But even these classifications are not as fixed or as sturdy as you may think. At various times both in the Arab world and in Europe, authorities have outlawed coffee, because they regarded the people who gathered to drink it as politically threatening. As I write, psychedelics seem to be undergoing a change of identity. Since researchers have demonstrated that psilocybin can be useful in treating mental health, some psychedelics will probably soon become FDA-approved medicines: that is, recognized as more helpful than threatening to the functioning of society.
This happens to be precisely how Indigenous peoples have always regarded these substances. In many Indigenous communities, the ceremonial use of peyote, a psychedelic, reinforces social norms by bringing people together to help heal the traumas of colonialism and dispossession. The government recognizes the First Amendment right of Native Americans to ingest peyote as part of the free exercise of their religion, but under no circumstances do the rest of us enjoy that right, even if we use peyote in a similar way. So here is a case where it is the identity of the user rather than the drug that changes its legal status.
Nothing about drugs is straightforward. But it’s not quite true that our plant taboos are entirely arbitrary. As these examples suggest, societies condone the mind-changing drugs that help uphold society’s rule and ban the ones that are seen to undermine it. That’s why in a society’s choice of psychoactive substances we can read a great deal about both its fears and its desires.
Ever since I took up gardening as a teenager and attempted to grow cannabis, I have been fascinated by our attraction to these powerful plants as well as by the equally powerful taboos and fraught feelings with which we surround them. I’ve come to appreciate that when we take these plants into our bodies and let them change our minds, we are engaging with nature in one of the most profound ways possible.
There is scarcely a culture on earth that hasn’t discovered in its environment at least one such plant or fungus, and in most cases a whole suite of them, that alters consciousness in one of a variety of ways. Through what was surely a long and perilous trial and error, humans have identified plants that lift the burden of physical pain; render us more alert or capable of uncommon feats; make us more sociable; elicit feelings of awe or ecstasy; nourish our imagination; transcend space and time; occasion dreams and visions and mystical experiences; and bring us into the presence of our ancestors or gods. Evidently, normal everyday consciousness is not enough for us humans; we seek to vary, intensify, and sometimes transcend it, and we have identified a whole collection of molecules in nature that allow us to do that.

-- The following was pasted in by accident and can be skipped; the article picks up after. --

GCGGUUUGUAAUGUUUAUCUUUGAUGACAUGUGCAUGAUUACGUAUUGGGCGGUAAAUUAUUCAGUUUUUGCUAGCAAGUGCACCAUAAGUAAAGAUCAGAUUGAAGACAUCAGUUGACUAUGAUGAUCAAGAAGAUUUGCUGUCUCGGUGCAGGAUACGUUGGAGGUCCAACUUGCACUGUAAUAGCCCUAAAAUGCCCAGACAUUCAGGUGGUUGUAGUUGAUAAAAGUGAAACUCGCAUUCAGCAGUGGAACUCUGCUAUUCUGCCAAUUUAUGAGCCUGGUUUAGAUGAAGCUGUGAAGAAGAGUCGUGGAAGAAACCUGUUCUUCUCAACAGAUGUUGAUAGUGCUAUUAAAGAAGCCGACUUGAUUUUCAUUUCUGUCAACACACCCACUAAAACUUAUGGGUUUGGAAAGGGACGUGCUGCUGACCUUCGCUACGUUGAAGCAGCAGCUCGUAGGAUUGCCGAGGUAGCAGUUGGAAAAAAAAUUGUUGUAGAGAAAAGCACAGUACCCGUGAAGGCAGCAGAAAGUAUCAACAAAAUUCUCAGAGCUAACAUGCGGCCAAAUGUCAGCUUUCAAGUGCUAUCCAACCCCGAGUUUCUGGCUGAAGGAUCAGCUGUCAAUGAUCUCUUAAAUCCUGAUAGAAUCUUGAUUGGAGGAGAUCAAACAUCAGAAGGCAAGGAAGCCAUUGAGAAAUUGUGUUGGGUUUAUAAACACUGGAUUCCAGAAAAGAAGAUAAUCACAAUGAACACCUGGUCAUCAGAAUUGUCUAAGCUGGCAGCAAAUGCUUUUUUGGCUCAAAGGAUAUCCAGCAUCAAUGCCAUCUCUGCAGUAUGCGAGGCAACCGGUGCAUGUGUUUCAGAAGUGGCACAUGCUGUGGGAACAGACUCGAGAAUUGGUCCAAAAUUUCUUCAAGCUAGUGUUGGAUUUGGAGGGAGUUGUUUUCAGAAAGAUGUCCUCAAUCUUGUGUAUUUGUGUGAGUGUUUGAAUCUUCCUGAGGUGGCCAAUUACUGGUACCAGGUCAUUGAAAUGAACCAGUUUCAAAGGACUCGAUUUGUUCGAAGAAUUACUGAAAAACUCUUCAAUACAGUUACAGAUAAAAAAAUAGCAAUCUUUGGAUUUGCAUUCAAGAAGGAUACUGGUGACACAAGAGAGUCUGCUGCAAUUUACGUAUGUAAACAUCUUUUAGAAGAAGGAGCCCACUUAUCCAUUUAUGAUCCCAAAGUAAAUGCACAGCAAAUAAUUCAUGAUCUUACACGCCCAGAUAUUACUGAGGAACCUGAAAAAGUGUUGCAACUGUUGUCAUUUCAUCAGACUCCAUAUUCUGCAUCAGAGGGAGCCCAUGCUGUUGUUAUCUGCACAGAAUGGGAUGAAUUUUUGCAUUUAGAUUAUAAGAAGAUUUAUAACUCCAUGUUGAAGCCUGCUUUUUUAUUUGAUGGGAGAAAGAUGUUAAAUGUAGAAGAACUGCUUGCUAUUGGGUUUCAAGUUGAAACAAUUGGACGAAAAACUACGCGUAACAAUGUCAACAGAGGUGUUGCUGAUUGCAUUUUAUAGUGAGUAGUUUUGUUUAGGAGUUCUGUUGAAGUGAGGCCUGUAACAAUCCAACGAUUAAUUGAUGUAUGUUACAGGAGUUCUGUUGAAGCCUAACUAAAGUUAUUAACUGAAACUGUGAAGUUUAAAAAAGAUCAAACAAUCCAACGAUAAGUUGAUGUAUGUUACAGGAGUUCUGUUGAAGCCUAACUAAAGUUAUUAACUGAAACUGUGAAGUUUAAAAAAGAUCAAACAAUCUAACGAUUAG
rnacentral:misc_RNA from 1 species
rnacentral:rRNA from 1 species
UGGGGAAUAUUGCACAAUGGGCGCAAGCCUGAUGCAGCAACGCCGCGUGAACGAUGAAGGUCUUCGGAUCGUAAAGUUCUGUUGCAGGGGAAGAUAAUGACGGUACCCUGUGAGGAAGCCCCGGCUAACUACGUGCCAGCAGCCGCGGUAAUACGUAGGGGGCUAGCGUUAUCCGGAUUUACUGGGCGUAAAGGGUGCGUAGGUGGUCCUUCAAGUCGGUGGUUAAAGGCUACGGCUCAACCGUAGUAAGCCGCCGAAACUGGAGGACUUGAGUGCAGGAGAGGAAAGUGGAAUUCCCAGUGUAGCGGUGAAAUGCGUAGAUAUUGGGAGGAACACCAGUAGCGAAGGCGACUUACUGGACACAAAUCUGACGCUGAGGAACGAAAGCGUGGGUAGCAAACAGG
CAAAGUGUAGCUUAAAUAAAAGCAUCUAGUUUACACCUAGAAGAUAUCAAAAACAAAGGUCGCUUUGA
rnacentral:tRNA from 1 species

This Is Your Mind on Plants is a personal inquiry into three of those molecules and the remarkable plants that produce them: the morphine in the opium poppy; the caffeine in coffee and tea; and the mescaline produced by the peyote and San Pedro cacti. The second of these molecules is legal everywhere today; the first is illegal in most places (unless it has been refined by a pharmaceutical company and prescribed by a physician); and the third is illegal in the United States unless you are a member of a Native American tribe. Each represents one of the three broad categories of psychoactive compounds: the downer (opium); the upper (caffeine); and what I think of as the outer (mescaline). Or, to put it a bit more scientifically, I profile here a sedative, a stimulant, and a hallucinogen.